California Mandates Electric Cars

By Cat Lazaroff

SACRAMENTO, California, January 30, 2001 (ENS) - Despite pressure from the auto industry, California air quality officials voted last week to require automakers to sell electric cars and other zero emissions vehicles in the state by 2003. The decision triggers similar legislation in Massachusetts, New York and Vermont, all of which have adopted California's clean air laws.


General Motor's EV1 electric car, one of the only zero emissions vehicles now available, has not sold well in California (Photo courtesy General Motors)
California held firm to its zero emission vehicle (ZEV) mandate, directing automakers to produce between 4,450 and 15,450 electric cars starting in 2003.

The California Environmental Protection Agency's Air Resources Board (ARB) voted unanimously to keep the 10 year old ZEV mandate in place, while making modifications giving automakers additional options in meeting their ZEV requirements.

"This action keeps us steadily moving along the road to an ever increasing number of zero emission vehicles," said ARB chair Dr. Alan Lloyd. "We envision a future where consumers have an expanded range of clean car choices when they shop for an automobile."

The modifications enacted last week require automakers to begin putting new ZEVs on California roads by 2003. The number of ZEVs in 2003 can vary from 4,450 to 15,450, depending on the type of ZEVs the individual automakers chose to bring to market.

California kept the ZEV mandate requirement that at least 10 percent of cars produced for California markets be low emission vehicles. But instead of requiring that all 10 percent be zero emissions - essentially, electric cars - the new mandate requires just two percent to be ZEVs.

Honda Insight

The Honda Insight, available at your dealer today, gets up to 70 miles per gallon of gasoline (Photo courtesy Honda Motor Company)
Another two percent must be hybrid gasoline-electric or diesel-electric vehicles, and the remaining six percent must be certified Very Low Emission vehicles - a definition now met by just one car, the Nissan Sentra CA, sold only in California.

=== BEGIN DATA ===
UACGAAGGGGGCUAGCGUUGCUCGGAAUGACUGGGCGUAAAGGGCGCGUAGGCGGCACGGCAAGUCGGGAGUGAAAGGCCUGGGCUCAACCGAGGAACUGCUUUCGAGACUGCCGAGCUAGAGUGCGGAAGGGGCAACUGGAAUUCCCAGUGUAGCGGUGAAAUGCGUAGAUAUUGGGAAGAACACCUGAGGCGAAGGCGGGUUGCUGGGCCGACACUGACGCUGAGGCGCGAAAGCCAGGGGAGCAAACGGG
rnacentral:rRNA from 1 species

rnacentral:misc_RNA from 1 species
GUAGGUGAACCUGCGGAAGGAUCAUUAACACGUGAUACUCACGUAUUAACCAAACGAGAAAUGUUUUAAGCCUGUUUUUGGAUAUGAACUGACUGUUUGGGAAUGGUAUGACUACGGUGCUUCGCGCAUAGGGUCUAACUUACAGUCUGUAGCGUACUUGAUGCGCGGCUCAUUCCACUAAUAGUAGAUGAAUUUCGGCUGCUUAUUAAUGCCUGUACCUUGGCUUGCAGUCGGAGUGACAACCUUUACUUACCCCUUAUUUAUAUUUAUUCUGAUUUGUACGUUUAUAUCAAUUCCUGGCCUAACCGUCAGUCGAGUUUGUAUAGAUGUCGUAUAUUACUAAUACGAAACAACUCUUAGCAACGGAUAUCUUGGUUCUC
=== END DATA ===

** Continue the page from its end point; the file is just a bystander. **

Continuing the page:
The modified rules cut the total required sales of ZEVs to about 14,000, fewer than the estimated 22,000 ZEVs required by the original form of the mandate. The final number of ZEVs sold will depend on the total number of vehicles sold in the state.

About 100,000 very clean vehicles, such as hybrid cars, must be produced in 2003, with this number increasing to more than 400,000 by 2006.

The Board also decided to begin in 2007 including heavier sport utility vehicles, pickup trucks and vans in the sales figures used to calculate the number of ZEVs each automaker is required to sell in California. This will increase the number of vehicles used to calculate ZEV requirements from just under one million to more than 1.5 million.

"More SUV sales will mean more ZEV sales," Dr. Lloyd explained.

Ford Prodigy

The Ford Prodigy, a concept hybrid diesel-electric vehicle, is designed to travel 660 miles on a tank of diesel fuel (Photo courtesy Ford Motor Company)
Dr. Lloyd pointed out that automakers get incentives for introducing ZEVs prior to 2003. "We could start seeing new electric vehicles on California's roads as soon as next year," the ARB chair predicted.

The ARB's meeting last Thursday night saw a major automaker for the first time voice acceptance of the ZEV mandate. A spokesperson for Ford addressed the Board, saying the automaker is prepared to fulfill its share of the ZEV requirement in 2003.

But most automakers criticized the board's decision, saying that requirements for "unmarketable" electric cars will lead to higher automobile prices.

"Our companies have explored the path of battery electric vehicles,"said Josephine Cooper, president of the Alliance of Automobile Manufacturers. "However, electric cars with broad consumer appeal are an idea whose time has come and gone, much like eight track tapes, Betamax and New Coke."

The Alliance represents the world's 13 largest auto makers. The new rule affects the six automakers who sell the majority of California's cars, including DaimlerChrysler, Ford Motor Co., General Motors, Honda, Nissan and Toyota.

Supporters argued that the ZEV mandate will prompt the development of a range of clean car technologies, which, used in combination, will lead to cleaner air in California and across the nation.

p2000 lsr

Hybrid electric vehicles like Ford's P2000 LSR can offset emissions from conventional cars (Photo courtesy Ford Motor Co.)
"The ZEV program is the linchpin to cleaning up all our cars and most of our trucks," Ellen Garvey, the executive officer of the Bay Area Air Quality Management District, told the board. "It's not only a program for drivers, it's a program for breathers."

The board's vote opens the door for Massachusetts, New York and Vermont to adopt similar rules. Under the federal Clean Air Act, states that adopt California's strict emissions standards - which surpass federal standards - cannot set requirements for zero emissions vehicles unless California does so first.

The 11 member Air Resources Board is a department of the California Environmental Protection Agency, charged with overseeing all air pollution control efforts to create and maintain health based air quality standards across the state.